Watch Dogs 2’s hipster fashion represents class, economics and privilege in tech bro San Francisco

I’ve never really understood high fashion. Every time I pick up a new copy of Vogue only to be told that dropping a grand on a poncho made of beaver eyes is totally in right now, I am baffled. Fashion – especially high fashion – is transient and ephemeral, and if I saved up for a year to be able to afford that beaver-eye poncho, it would already be out of style anyway.

But low fashion – if that’s what it’s called – is a whole different thing. Low fashion is cyclical; it loves to reuse and recycle old ideas. It bases itself on the needs and incomes of younger generations. And that, my friends, is why hipster culture exists. It “ironically” buys its clothes from charity shops, when the real reason is that it can’t afford Topshop. It places emphasis on hairstyles and spectacles, because those are everyday things and therefore hold better value for money. It prizes the vintage look, which, let’s be honest, is very similar to the “I can’t afford to replace this really old, threadbare coat” look.

Watch Dogs 2 is set in San Francisco, where hipster culture has a stranglehold on the city. This is because of a combination of factors: firstly, the tech bubble around SF attracts the young, who are more predisposed to be cool; secondly, it’s a ridiculously expensive city; thirdly, hipster culture is a reaction to those two factors combined. Young people rebel against the cost of living by making money-saving activities, such as baking their own bread and grinding their own coffee beans, seem “cool”. Then, of course, the wealthy 20-somethings reappropriate that, making it all expensive again. Sigh.

Marcus Holloway is one of the rebels. He’s from a low-income family, and he’s in opposition to the corruption and manipulation of SF’s tech corporations. He learns hacking in a community programme. He is not one of the privileged Silicon Valley bros. I first fell in love with Marcus’ fashion choices because they were what I, as a 20-something woman, have been conditioned to find attractive. Jumpers with foxes on! Waistcoats! Plaid shirts! But once I started engaging with the culture, and asking why this look was so fashionable, the more I realised it was emblematic of so much more.

Like I’ve already pointed out, hipster fashion is supposed to be cheap, because our generation can’t afford better. We have to deal with extortionate rents, zero-hour contracts, low minimum wage and, in Marcus’ case, having to pay for healthcare. This world is inhospitable to anyone without a decent salary, and Watch Dogs 2 focuses on the very real fact that the services we use every day – Facebook, Google, Twitter – are so far at the other end of the wealth scale that they’re just a dot to us.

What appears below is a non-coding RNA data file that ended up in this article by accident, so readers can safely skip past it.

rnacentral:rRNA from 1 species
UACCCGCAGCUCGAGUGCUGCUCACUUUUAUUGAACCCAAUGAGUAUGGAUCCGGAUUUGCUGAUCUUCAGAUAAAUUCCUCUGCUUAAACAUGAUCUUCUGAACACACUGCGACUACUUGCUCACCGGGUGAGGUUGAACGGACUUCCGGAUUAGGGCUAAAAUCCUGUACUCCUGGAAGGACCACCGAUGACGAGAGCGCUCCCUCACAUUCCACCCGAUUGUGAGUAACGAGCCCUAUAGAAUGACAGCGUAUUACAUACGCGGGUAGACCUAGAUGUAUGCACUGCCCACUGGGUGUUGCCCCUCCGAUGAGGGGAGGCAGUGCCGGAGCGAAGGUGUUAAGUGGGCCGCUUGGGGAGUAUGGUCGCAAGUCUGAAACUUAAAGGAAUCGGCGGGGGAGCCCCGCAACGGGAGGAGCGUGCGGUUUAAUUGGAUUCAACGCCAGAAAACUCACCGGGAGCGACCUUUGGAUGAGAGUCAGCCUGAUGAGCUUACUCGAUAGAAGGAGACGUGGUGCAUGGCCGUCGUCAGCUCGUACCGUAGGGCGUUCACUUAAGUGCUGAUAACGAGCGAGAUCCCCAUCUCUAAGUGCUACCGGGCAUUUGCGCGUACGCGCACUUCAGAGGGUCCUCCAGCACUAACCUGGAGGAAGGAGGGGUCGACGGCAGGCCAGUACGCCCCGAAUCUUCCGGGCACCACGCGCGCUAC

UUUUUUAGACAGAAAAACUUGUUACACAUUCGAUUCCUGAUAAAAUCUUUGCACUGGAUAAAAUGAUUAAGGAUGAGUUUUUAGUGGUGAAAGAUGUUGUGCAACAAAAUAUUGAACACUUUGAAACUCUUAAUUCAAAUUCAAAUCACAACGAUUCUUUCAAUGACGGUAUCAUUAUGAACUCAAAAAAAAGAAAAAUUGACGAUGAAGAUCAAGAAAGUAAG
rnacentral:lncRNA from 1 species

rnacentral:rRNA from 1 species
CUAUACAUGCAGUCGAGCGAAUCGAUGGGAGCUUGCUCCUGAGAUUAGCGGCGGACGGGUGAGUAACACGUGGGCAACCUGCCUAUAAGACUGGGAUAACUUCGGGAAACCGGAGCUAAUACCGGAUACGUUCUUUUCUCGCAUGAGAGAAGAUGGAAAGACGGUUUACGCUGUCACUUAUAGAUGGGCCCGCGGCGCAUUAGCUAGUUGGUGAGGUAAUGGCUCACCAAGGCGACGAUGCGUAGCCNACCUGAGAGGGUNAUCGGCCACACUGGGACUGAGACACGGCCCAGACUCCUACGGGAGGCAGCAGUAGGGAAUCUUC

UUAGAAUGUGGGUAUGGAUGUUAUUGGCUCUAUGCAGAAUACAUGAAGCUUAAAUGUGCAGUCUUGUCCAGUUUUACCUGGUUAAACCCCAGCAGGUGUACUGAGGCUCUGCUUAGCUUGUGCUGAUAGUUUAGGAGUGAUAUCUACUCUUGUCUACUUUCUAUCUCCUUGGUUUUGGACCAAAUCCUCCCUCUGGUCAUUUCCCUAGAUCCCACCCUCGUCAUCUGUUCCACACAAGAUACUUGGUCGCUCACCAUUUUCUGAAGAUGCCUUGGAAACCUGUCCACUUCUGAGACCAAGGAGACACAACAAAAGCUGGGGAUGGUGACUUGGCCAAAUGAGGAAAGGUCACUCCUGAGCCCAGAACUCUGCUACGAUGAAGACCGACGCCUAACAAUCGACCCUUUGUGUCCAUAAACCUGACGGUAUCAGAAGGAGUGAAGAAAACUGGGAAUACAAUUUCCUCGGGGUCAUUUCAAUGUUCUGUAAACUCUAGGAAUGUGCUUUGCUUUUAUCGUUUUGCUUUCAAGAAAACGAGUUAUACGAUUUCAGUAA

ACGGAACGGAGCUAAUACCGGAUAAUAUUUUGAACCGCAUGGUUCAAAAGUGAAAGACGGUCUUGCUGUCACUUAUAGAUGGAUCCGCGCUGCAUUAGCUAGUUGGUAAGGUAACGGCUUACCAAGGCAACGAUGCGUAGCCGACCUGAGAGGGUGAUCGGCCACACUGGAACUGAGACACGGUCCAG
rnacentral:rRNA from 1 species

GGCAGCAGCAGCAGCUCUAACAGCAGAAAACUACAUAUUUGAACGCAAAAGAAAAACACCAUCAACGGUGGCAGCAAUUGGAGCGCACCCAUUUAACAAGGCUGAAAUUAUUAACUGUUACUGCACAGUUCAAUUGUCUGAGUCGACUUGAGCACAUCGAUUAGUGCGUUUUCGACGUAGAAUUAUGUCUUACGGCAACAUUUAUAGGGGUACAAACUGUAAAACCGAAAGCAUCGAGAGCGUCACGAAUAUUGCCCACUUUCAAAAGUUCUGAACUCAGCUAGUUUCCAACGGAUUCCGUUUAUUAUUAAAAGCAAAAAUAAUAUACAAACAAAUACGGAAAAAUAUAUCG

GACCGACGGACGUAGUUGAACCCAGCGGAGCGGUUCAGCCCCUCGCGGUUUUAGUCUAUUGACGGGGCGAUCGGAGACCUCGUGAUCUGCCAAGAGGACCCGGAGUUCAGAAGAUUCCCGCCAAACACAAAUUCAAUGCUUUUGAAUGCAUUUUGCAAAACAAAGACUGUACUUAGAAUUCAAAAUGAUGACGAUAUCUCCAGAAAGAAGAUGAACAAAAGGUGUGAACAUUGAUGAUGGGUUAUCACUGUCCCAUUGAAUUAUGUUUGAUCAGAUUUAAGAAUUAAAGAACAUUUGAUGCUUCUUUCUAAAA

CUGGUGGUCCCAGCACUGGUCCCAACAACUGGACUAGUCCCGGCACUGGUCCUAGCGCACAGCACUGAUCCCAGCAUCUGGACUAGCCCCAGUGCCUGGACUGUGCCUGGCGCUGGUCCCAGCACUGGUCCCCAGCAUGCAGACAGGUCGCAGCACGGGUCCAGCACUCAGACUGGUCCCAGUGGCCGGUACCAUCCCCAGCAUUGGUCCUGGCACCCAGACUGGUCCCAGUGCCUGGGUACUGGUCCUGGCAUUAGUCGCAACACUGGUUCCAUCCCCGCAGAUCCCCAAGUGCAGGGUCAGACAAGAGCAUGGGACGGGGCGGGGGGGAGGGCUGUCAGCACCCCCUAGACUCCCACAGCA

But because hipster culture gets re- appropriated by the wealthy, becoming unaffordable to the very people who needed it most, the fashion in Watch Dogs is ludicrously expensive. $300 for a jumper? $250 for a shirt? In normal circumstances, Marcus would never be able to afford these prices – but he uses his hacking, a skill that he learned because of a community outreach programme, to tip the scales in his favour. He is the most hipster: a modern-day Robin Hood, stealing from the technology companies that have turned San Francisco into a rich boy’s paradise, and using that money to engage with a culture that should have rightfully been his in the first place.

As an aside to all that very serious political- and class-based sartorial stuff, though, the fashion in Watch Dogs 2 is also a very interesting move towards game developers actually researching extras in their games. Grand Theft Auto V had fashion choices, but they were all a bit... meh. It was all about standing out, not fitting in – neons, loud colours, wild styles. People do that, especially in LA where it’s all about being the best, boldest and brightest, but when the average NPC has their own fashion sense, it’s hard to feel like the world is real.

Watch Dogs 2’s NPCs aren’t all fashionable. And that’s fine because that’s real life. But they dress like human beings, and they dress the same as you. Some of them wear Crocs and sandals – and so can you! (Please don’t, though.) Some wear hoodies with slogans emblazoned on the front, mismatched socks and brightly coloured trainers – and so can you! The point with fashion isn’t to make your character unique in a world of sheep – it’s to make a world feel real, and to place your character in a context that makes sense.

This article originally appeared in Xbox: The Official Magazine. For more great Xbox coverage, you can subscribe here.

Kate Gray

Kate Gray is an award-winning writer with over a decade of experience in games journalism. Kate has bylines on a variety of websites which include GamesRadar+, The Guardian, Buzzfeed, Kotaku, Vice, Rock Paper Shotgun, and others. Kate is now writing the good words over at Nintendo Life, and can still be found tweeting about nice things and taking lots of photos of food.